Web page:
― PART I ―
IBM Cloud Management Console runs as a service hosted in the IBM Cloud, freeing organizations from maintaining software to monitor their infrastructure. Dynamics views of performance, inventory and logging data for your complete Power Systems enterprise, simplifies and unifies information in a single place, and thus allows clients to make more informed decisions.
Mar 2017 - Jun 2018
Alissa Lee / UX Designer
Nick Hahn, Susan Jasinski / Team Lead
Margie Villanueva / Researcher
Patrick Lowden / Visual Designer
Atos / Development Team
― (Developer's) Origin Story
IBM Cloud Management Console (CMC) started off as an initiative for Power Systems unit to introduce its first management platform hosted in the cloud. The effort began as an engineering-driven project, and resulted in the production of the CMC platform and functionalities that provide performance, inventory and logging information regarding the clients' enterprise Power systems environment.
In order to address the low-hanging fruits of the development work, the design team was instructed to improve the experience of the CMC platform, along with the Logging and Inventory applications. As for the Performance app, this would need to be revisited and would require an extreme makeover, including implementation of more robust functionality and more ergonomic interaction behaviors.
― Design's Role in CMC
Having an existing prototype to work off, the first step that I had to take as the UX designer was to evaluate the current state of the product. This includes conducting a heuristic evaluation of the platform and two applications to ensure the consistency of interaction and visual patterns, the taxonomy of the content displayed in the screens, and the architectural integrity of information for the platform and each app. Considering the scale of this project, each experience needed to be evaluated separately.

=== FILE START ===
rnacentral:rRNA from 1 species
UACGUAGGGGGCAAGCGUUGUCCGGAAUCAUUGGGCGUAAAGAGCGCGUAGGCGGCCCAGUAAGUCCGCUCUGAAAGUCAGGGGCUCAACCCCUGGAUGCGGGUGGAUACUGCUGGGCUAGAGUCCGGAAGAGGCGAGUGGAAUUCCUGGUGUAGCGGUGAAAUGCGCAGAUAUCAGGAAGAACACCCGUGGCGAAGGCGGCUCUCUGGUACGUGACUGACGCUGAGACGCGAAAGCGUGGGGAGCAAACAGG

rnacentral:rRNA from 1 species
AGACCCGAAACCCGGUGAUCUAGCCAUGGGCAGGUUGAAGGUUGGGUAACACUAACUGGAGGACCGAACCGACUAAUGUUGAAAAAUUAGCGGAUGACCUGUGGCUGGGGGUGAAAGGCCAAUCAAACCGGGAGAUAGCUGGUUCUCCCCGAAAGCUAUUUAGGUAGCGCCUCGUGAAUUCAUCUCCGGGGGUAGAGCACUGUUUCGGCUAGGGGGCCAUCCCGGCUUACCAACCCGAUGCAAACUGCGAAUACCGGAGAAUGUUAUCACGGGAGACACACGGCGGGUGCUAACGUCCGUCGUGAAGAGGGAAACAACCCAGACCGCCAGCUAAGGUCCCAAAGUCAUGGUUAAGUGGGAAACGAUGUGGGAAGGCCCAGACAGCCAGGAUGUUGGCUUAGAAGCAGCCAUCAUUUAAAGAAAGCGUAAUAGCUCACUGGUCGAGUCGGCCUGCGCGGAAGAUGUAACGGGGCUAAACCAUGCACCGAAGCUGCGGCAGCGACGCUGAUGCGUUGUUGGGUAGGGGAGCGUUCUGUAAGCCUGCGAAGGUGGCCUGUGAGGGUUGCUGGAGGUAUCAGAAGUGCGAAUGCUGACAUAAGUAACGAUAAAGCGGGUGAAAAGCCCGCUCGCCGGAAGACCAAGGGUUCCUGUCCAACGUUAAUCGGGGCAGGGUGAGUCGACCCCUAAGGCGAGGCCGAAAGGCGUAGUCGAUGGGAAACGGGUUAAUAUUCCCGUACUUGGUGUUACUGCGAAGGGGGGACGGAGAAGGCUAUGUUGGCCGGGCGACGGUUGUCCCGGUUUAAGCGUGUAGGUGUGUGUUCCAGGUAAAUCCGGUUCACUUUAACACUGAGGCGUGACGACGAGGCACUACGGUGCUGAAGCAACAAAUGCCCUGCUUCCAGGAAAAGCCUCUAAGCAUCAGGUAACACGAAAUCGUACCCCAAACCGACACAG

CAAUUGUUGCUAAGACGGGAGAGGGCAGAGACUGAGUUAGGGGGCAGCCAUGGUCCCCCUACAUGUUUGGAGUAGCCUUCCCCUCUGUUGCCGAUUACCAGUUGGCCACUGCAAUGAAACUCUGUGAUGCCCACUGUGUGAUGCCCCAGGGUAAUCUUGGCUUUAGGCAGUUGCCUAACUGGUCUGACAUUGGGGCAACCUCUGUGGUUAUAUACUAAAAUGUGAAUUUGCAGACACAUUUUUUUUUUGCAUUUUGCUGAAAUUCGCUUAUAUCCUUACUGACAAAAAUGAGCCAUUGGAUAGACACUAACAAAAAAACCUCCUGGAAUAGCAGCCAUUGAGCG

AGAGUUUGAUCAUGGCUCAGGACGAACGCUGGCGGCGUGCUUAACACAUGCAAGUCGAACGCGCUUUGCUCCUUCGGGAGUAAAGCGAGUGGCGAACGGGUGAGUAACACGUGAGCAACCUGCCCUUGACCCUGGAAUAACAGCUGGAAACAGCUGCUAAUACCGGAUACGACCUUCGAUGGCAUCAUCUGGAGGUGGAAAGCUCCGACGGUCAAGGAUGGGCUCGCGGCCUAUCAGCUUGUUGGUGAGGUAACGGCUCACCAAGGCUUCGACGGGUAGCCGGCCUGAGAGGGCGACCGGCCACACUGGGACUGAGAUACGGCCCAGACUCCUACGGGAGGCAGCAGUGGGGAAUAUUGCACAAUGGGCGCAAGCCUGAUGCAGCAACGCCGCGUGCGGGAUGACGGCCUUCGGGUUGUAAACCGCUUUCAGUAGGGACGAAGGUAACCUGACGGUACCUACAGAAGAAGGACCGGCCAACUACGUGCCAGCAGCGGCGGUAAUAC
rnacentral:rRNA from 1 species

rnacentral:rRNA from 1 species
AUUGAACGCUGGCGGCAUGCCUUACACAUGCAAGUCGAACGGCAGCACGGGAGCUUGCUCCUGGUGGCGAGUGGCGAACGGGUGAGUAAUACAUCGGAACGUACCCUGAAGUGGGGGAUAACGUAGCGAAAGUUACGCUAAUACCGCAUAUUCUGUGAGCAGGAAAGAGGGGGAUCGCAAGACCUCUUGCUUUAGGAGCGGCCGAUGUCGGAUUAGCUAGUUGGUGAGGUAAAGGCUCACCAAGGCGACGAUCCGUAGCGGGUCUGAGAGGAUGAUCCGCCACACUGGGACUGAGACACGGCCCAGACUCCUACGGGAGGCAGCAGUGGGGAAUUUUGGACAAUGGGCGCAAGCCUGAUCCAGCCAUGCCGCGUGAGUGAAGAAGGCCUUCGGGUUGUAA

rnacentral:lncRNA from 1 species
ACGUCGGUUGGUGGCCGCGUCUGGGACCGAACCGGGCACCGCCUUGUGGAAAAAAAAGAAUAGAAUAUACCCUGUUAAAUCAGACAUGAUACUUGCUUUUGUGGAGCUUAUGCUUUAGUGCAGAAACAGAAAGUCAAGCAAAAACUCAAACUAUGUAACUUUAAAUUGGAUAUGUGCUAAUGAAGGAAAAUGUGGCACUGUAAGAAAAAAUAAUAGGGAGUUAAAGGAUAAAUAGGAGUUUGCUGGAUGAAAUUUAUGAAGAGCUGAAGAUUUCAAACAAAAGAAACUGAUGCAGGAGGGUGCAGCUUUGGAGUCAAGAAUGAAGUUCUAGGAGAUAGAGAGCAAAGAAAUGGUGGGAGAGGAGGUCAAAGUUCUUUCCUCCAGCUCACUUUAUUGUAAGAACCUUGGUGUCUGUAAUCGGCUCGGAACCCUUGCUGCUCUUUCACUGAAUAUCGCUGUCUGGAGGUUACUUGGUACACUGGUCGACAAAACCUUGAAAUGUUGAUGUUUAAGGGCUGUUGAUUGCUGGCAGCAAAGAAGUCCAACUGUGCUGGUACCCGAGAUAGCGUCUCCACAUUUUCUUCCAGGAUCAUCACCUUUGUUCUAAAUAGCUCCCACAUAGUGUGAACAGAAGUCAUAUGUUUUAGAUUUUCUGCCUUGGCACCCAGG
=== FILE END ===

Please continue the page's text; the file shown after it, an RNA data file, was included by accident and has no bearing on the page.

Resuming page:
Services to be evaluated:
1) CMC Platform: User Management ― Enable customers to edit user profiles and modify administrative access to secure, IT environment data.
2) Inventory application ― Monitor the health status of all resources in one's Power IT infrastructure.
3) Logging application ― Provide insights regarding one's datacenter's PowerVM Virtualization actions.
Violations addressed in improved designs:
1) Flexibility and efficiency of use: Scalability was an integral component in designing these screens. There had to be an awareness of how components could grow (account users, applications, managed systems), especially in IT environments that host hundreds and/or thousands of hardware and virtual machines.
2) Aesthetic and minimalist design: Again, considering scale, the usage of modular cards and graphical visualizations were deemed unmeaningful and only added to visual clutter. Tables allow users to quickly scan and identify relevant pieces of data through vast amounts of content.
3) Consistency and standards: Digesting large amounts of data are a necessity in these apps. Being able to visually display secure system names, IP addresses, resource configuration, and more in a simple and clear way allows users to quickly identify key points of data across the various apps in CMC.
CMC Manage Users / BEFORE
CMC Manage Users / AFTER
CMC Inventory App / BEFORE
CMC Inventory App / AFTER
CMC Logging App / BEFORE
CMC Logging App / AFTER
― Re-aligning on the Mission
Once the redesigns of the platform and the individual apps were evaluated and tested by a group of users, the feedback was logged and prepped for what we called an Alignment Workshop. For this workshop, our team set out to re-align with our stakeholders, including business, design, engineering and marketing around the future goal and roadmap of the CMC product. Remember, this project started off as an engineering-led project that was internally determined as priority, but not so much informed by quantifiable market or user research.